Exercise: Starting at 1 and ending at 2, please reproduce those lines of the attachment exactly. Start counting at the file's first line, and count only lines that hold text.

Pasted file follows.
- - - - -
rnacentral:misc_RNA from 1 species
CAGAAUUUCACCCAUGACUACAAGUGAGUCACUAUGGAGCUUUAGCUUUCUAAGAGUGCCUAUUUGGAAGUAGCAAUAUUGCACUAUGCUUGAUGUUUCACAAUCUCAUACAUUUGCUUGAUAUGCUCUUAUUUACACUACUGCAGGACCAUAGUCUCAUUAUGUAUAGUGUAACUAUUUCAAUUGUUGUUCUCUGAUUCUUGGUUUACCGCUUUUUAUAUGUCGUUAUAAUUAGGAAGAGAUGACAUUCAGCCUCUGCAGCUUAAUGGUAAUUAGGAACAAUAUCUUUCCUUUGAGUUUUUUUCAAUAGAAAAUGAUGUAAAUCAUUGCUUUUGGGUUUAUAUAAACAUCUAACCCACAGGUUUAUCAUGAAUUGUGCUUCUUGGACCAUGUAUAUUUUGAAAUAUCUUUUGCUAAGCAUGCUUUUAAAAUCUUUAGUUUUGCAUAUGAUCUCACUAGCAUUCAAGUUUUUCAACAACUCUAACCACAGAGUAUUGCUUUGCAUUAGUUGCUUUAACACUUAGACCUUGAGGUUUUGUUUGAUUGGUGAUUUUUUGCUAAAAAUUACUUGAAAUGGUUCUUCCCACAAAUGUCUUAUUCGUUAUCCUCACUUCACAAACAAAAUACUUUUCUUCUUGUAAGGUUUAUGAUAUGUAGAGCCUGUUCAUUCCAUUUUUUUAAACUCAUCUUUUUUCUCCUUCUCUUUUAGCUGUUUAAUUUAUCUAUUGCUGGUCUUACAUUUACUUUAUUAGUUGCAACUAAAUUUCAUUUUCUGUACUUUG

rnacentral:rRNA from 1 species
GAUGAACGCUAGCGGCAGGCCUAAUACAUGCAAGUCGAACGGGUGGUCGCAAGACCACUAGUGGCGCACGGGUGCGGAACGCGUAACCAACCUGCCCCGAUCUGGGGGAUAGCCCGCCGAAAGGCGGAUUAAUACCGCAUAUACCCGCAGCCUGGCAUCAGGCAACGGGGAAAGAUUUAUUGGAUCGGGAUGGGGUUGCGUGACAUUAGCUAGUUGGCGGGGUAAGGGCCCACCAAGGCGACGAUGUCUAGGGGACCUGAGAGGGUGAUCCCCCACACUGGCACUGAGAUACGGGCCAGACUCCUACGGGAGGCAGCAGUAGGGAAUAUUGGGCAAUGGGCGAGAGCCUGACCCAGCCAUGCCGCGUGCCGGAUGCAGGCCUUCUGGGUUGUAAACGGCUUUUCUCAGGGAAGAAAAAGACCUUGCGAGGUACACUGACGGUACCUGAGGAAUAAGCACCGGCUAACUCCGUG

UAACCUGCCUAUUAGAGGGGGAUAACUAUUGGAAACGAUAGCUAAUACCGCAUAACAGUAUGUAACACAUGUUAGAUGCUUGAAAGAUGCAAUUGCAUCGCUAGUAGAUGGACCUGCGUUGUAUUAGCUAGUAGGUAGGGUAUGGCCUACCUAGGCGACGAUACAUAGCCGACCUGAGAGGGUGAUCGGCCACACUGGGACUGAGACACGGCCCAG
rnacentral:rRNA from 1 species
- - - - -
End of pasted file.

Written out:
rnacentral:misc_RNA from 1 species
CAGAAUUUCACCCAUGACUACAAGUGAGUCACUAUGGAGCUUUAGCUUUCUAAGAGUGCCUAUUUGGAAGUAGCAAUAUUGCACUAUGCUUGAUGUUUCACAAUCUCAUACAUUUGCUUGAUAUGCUCUUAUUUACACUACUGCAGGACCAUAGUCUCAUUAUGUAUAGUGUAACUAUUUCAAUUGUUGUUCUCUGAUUCUUGGUUUACCGCUUUUUAUAUGUCGUUAUAAUUAGGAAGAGAUGACAUUCAGCCUCUGCAGCUUAAUGGUAAUUAGGAACAAUAUCUUUCCUUUGAGUUUUUUUCAAUAGAAAAUGAUGUAAAUCAUUGCUUUUGGGUUUAUAUAAACAUCUAACCCACAGGUUUAUCAUGAAUUGUGCUUCUUGGACCAUGUAUAUUUUGAAAUAUCUUUUGCUAAGCAUGCUUUUAAAAUCUUUAGUUUUGCAUAUGAUCUCACUAGCAUUCAAGUUUUUCAACAACUCUAACCACAGAGUAUUGCUUUGCAUUAGUUGCUUUAACACUUAGACCUUGAGGUUUUGUUUGAUUGGUGAUUUUUUGCUAAAAAUUACUUGAAAUGGUUCUUCCCACAAAUGUCUUAUUCGUUAUCCUCACUUCACAAACAAAAUACUUUUCUUCUUGUAAGGUUUAUGAUAUGUAGAGCCUGUUCAUUCCAUUUUUUUAAACUCAUCUUUUUUCUCCUUCUCUUUUAGCUGUUUAAUUUAUCUAUUGCUGGUCUUACAUUUACUUUAUUAGUUGCAACUAAAUUUCAUUUUCUGUACUUUG